Thursday, January 19, 2006

Spicing up snack foods


Photo styled by Carissa Remitz, Article below by Carissa Remitz
Wednesday, January 17, 2006
San Francisco Chronicle

Visit any grocery store, mini-market or vending machine, and you'll notice an abundance of new "hot" and "bold" flavors of snack foods and condiments.

Sunshine brand Cheez-Its has a "Hot & Spicy" cracker flavored with Tabasco sauce. Frito-Lay's Stax will be releasing a "Hot'n Spicy Barbecue" chip in February. The barbecue flavoring tastes familiar, but the added heat definitely changes the impression these chips make on your tongue.

Frito-Lay is also introducing a "Fiery Habanero" Doritos chip. Make sure you have a glass of milk nearby, as these chips pack a pretty heavy punch. The Doritos are available now in the Bay Area and nationally during the next couple of months.

Frito-Lay spokesman Jared Dougherty relates the trend of hotter flavorings to changes in the food industry at large. "When we develop flavors, we take cues from a lot of different areas," including restaurants, he says.

"Hispanic-inspired flavors have continued to grow and reach mass appeal -- not just chips, but on products across the board. The need or desire for heat is growing." Asian flavors, he says, are also increasing in popularity.

Manufacturers point to possible health benefits of the spicy products. Wasabi is believed to have anti-carcinogenic properties, and studies have shown the ingestion of chile peppers, such as habanero, jalapeno and Scotch bonnet, can reduce cholesterol levels, increase the rate at which your body burns calories, and clear up your sinuses.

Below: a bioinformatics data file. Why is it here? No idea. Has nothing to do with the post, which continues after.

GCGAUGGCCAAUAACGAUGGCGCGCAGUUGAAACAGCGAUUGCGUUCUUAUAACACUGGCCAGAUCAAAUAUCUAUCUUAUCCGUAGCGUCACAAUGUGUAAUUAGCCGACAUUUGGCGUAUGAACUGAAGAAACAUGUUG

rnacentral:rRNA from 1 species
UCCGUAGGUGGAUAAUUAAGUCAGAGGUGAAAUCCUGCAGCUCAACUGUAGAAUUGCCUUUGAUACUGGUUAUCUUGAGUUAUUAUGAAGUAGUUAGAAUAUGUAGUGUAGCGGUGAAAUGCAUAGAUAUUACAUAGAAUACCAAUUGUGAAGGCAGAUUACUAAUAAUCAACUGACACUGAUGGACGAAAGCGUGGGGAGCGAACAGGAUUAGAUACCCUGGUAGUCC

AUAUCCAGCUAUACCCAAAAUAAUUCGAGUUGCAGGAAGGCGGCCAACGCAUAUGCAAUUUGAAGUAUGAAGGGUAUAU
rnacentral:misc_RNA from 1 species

How much these nutrients are absorbed through processed foods is debatable. Still, Seapoint Farms of Costa Mesa (San Diego County), is coming out with a snack high in protein and low in fat and carbs. Its wasabi-flavored Dry Roasted Edamame is a fiery, crunchy and healthy alternative to more processed snack foods.

Less fiery is Silver Spring Wasabi Sauce, coming out in February. It lacked a true wasabi heat and flavor, and a quick glance at the ingredient list confirmed our suspicions. "Natural Wasabi Flavor" is the third-to-last ingredient, followed only by Yellow 5 and Blue 1.

Link to article

6 Comments:

Anonymous Anonymous said...

This comment has been removed by a blog administrator.

8:02 PM  
Anonymous Anonymous said...

This comment has been removed by a blog administrator.

8:05 PM  
Anonymous Anonymous said...

This comment has been removed by a blog administrator.

8:05 PM  
Blogger Food Critic said...

This is truely an elegant piece of work.
I think that there might be a potential job opportunity for you at my office. Give me a call and we can have a little chat.

P.S.
The other pictures are also quite nice.

8:07 PM  
Blogger Food Critic said...

This comment has been removed by a blog administrator.

8:07 PM  
Blogger Food Critic said...

This comment has been removed by a blog administrator.

8:12 PM  

Post a Comment

<< Home